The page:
Two-Deep Breakdown: FB Sam Bergen

Spring camp is over and the Rutgers football team has three weeks off before regrouping for summer classes. Coming out of the spring, ScarletReport.com is here to individually break down every expected member of the summer two-deep. Today, we break down backup fullback Sam Bergen.

Taking an in-depth, individual look at the key members of the roster, today ScarletReport.com looks at sophomore Sam Bergen, who is expected to begin training camp as a backup fullback.

Past Experience — Bergen came to Rutgers as a linebacker but never came close cracking the two-deep in his first two seasons in the program.

Bergen was a practice-squad linebacker and fullback last season before formally moving to solely offense this spring.

As a Recruit — Bergen committed to Rutgers as a two-star linebacker without any other offers. After a stellar sophomore season with East Stroudsburg (Pa.), Bergen suffered a pair of knee injuries that handicapped his final two years in high school.

His second knee injury came in November of his senior year, after committing to Rutgers.

Spring Performance — Bergen performed well enough as a backup this spring to make Kyle Flood and company comfortable enough to move Robert Joseph to the defensive side of the ball. As a converted linebacker, Bergen's role was primarily as a run blocker for the second- and third-team offenses in the spring and he did so relatively well for a player new to the position.

Does Well — Bergen's strength as a fullback comes in his physicality. He hits hard and plays low to the ground as a blocker. When he adds blocking technique to his pure power out of the backfield, Rutgers may have a legitimate run blocker in Bergen.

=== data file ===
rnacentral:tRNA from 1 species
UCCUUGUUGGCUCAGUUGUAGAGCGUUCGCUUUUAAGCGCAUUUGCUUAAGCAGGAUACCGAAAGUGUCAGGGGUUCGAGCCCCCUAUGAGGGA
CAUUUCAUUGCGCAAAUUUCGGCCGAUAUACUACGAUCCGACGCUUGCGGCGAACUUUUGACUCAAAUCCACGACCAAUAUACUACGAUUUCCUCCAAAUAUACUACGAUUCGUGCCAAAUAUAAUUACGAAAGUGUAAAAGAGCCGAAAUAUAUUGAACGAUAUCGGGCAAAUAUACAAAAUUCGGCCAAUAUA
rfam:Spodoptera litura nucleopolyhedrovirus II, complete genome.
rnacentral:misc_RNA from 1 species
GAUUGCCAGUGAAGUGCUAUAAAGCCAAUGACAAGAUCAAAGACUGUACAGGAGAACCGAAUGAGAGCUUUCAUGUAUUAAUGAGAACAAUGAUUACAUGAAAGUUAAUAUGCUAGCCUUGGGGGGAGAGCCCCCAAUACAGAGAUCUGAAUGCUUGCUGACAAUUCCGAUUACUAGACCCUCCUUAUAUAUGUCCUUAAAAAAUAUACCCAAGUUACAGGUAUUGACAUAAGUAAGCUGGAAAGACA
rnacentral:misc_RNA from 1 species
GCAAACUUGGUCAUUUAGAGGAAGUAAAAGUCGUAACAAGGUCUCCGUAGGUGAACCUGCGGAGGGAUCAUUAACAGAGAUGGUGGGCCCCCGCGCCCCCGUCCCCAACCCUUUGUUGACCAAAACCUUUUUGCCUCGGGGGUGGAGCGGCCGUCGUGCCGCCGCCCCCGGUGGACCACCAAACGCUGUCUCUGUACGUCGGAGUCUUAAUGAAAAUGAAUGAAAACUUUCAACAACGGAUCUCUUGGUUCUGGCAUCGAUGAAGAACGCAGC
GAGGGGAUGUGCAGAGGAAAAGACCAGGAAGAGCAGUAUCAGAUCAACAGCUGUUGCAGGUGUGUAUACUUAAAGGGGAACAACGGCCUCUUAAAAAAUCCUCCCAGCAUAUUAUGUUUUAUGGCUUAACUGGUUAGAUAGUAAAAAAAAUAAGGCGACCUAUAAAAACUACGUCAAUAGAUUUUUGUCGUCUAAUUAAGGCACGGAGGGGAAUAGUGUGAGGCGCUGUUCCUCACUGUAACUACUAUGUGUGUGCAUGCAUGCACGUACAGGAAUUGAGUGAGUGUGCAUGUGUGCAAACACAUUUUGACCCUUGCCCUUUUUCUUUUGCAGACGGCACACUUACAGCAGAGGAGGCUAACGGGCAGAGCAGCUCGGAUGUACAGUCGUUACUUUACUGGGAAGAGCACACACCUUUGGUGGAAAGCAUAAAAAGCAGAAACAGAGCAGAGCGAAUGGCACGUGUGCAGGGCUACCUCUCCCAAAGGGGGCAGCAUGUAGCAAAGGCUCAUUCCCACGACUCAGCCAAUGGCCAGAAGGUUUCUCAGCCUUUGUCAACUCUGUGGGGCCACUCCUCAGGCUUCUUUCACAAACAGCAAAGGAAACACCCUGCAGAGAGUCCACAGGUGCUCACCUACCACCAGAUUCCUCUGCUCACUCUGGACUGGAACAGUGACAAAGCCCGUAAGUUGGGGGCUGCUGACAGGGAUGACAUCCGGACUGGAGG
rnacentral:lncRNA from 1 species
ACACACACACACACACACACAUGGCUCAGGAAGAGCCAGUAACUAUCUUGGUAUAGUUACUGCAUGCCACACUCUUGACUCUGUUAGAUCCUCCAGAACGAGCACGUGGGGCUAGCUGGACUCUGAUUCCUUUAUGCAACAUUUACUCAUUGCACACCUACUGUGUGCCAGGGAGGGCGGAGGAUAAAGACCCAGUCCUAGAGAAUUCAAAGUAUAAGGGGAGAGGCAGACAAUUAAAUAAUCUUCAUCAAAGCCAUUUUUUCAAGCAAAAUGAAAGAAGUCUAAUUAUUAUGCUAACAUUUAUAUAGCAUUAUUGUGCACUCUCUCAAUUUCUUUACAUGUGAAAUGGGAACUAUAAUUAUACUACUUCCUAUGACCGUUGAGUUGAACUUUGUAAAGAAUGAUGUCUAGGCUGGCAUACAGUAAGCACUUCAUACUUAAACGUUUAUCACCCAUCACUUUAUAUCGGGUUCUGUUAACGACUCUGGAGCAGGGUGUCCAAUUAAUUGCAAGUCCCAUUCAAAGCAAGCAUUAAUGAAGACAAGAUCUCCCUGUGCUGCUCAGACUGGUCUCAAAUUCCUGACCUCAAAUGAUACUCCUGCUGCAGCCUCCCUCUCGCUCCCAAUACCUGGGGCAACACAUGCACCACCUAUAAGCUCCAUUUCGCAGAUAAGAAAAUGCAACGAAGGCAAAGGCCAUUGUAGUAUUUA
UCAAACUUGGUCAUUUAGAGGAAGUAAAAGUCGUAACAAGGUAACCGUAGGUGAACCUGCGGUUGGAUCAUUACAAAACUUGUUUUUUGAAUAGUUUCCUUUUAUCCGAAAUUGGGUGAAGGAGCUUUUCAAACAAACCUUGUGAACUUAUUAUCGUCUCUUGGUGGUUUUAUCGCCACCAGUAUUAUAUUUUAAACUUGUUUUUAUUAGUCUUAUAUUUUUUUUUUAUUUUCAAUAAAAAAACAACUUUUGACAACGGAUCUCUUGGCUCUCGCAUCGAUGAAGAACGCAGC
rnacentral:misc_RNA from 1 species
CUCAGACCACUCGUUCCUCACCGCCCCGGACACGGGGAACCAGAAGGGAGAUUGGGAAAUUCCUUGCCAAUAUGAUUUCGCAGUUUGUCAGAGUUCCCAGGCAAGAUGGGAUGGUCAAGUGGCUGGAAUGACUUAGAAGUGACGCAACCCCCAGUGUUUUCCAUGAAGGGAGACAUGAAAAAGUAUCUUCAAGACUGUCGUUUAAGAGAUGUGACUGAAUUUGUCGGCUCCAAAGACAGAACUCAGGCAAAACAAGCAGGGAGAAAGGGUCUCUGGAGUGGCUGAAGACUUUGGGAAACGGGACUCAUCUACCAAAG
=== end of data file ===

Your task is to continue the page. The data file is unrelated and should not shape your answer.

Needs to Improve — Bergen's two areas for improvement come based on injury and inexperience. He does not have the quickness or speed of other fullbacks on the team, partially because of two season-ending knee injuries in the last four years.

Bergen also lacks ball-handling skills as a fullback, not playing on the offensive side of the ball since high school. Fullback is supposed to be a dual-threat position in coordinator Dave Brock's offensive scheme and there just is not the concern with Bergen that he can make a play in the open field like there is with starter Michael Burton or even backup Paul Canevari.

Long-Term Outlook — It is clear that Burton is the starting fullback to stay, but there is always a need for greater depth. Bergen, right now, is one injury away from becoming the starting fullback at any point. Burton is the clear starter, but if he were to go down, Bergen instantly gets the nod based on experience within the program.

Rutgers successfully mixed in two fullbacks last year and can certainly do the same in the future if a player like Bergen shows improvement and trustworthiness as a backup.


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